In total, 48 million players have used a controller for a game on Steam at some point. Valve have shared that and other big numbers in their breakdown on some new Steamworks tools that help developers see the type and prevalence of controller use for their games. For us routine controller users, that could mean developers investing time in better controller support on PC. Or just reassurance that no, we are aren’t the only ones dedicated to our gamepads.
Valve say that about 10% of daily Steam game sessions are played with a controller, though they point out percentages vary heavily by type of game. “In general, a lot of players like to play a large cross section of games on Steam with a controller–which is something many people, including those of us at Valve, find a bit surprising,” they say. I don’t find that particularly surprising, but I suppose it’s because I’m usually part of that 10%.
Valve’s new Steamworks reports break down for developers how many of their players are using controllers and which kinds. Developers can also identify how many players who have used a controller in the past are actually playing their games with a controller. Valve have also got suggestions on what developers can glean from all this new data.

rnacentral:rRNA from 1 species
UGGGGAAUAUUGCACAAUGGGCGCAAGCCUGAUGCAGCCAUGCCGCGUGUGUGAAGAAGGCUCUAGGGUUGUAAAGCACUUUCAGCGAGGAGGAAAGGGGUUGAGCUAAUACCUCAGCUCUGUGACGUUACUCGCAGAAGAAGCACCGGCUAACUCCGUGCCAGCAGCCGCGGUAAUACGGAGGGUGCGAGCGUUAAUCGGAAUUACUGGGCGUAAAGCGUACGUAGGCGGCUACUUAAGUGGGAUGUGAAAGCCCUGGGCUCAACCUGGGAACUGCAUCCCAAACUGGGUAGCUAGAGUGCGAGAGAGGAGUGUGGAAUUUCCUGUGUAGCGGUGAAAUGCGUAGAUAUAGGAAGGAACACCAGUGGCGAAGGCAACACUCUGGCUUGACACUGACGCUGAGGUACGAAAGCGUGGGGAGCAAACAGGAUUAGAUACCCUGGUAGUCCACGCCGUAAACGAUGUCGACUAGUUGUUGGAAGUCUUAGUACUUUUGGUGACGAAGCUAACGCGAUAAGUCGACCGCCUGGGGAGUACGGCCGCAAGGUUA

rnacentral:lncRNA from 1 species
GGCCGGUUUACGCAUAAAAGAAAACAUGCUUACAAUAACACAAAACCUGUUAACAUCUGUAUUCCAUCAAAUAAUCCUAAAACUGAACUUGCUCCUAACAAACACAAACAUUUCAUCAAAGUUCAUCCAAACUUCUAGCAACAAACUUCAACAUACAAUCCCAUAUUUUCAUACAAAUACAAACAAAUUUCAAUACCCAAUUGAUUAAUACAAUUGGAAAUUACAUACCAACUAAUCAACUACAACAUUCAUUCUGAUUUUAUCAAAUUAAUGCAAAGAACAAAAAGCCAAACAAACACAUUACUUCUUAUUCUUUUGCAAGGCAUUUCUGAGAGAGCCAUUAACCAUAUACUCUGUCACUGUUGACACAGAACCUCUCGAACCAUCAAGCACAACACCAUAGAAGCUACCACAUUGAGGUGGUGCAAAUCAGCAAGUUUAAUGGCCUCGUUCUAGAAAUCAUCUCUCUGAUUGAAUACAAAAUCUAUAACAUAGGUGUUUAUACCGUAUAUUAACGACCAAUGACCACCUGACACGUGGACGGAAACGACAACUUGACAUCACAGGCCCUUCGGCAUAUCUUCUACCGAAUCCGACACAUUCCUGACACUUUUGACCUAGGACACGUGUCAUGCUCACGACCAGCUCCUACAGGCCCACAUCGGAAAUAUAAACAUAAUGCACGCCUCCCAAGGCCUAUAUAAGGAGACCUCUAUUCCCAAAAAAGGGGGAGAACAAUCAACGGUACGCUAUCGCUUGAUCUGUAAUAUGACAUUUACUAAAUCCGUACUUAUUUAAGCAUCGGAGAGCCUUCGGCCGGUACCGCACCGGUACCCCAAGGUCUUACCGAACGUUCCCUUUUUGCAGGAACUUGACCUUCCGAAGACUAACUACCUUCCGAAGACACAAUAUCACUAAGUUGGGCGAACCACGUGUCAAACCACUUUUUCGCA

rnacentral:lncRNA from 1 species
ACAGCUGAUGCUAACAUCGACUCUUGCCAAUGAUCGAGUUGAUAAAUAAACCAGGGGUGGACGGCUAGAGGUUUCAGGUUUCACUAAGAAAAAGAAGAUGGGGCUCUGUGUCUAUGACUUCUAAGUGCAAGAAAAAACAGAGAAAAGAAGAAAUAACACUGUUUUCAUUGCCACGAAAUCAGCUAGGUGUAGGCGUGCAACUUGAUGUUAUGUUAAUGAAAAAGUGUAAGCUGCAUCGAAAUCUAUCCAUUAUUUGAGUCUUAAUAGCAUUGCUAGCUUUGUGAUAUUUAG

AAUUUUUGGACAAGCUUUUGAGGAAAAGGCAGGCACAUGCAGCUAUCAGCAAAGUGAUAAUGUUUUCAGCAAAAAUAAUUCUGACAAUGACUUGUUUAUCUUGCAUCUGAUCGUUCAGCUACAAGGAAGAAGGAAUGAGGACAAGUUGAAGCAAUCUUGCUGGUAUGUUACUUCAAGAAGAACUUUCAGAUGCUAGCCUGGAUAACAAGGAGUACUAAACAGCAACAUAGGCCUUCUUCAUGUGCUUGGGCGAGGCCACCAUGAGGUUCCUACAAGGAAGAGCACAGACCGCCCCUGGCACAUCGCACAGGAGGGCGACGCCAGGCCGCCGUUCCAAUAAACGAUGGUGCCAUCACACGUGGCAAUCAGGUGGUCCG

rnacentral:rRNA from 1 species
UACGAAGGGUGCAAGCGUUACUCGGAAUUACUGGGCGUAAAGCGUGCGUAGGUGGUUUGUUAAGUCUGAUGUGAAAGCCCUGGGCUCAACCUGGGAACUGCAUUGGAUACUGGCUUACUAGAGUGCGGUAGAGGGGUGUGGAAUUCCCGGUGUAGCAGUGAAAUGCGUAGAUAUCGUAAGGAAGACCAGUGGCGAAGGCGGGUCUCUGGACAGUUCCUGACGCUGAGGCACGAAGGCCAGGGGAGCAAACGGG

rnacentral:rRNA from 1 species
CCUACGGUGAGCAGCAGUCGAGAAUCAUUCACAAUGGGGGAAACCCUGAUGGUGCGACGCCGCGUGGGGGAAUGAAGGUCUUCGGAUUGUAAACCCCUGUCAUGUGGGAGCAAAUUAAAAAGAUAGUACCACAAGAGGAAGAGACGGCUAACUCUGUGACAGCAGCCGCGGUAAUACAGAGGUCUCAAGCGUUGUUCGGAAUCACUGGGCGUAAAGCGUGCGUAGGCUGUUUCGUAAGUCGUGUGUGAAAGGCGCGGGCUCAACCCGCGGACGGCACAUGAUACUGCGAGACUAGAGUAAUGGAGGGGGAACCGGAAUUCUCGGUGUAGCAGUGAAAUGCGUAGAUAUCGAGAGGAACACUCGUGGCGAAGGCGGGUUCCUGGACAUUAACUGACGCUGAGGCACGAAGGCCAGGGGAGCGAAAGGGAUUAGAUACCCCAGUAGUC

“If the number of customers with controllers is really high, but not many of them are using controllers in your game, it might suggest that you haven’t done much (or any) work to support controllers in your game.” Or it might mean your game is an RTS, which Valve say often have below 1% of players using a controller on Steam. If you’ve got a fighting game, low controller use might be more concerning.
In particular, it sounds like PlayStation controllers could use some extra love. Valve call out a couple options for improving support for PS pad people such as using the Steam Input API or Gamepad Emulation.
“If we have just one thing we’d suggest and promote, it would be for more developers to display the corresponding PlayStation icons in game when there is a prompt for a player to hit a certain button.” I’m personally an Xbox One controller user but yeah, I feel bad for the DualShock and DualSense folks who see that “X” button prompt that isn’t actually the “X” button.
You can catch the graphs and more details in Valve’s post. If you’re rocking a gamepad for all your PC games, don’t worry. You aren’t alone.
Valve have been putting in some work on their end to improve controller support on Steam as well. They were pretty quick to improve DualSense support after the PS5 launched last November. They also began beta testing additional Xbox and PlayStation controller features in January.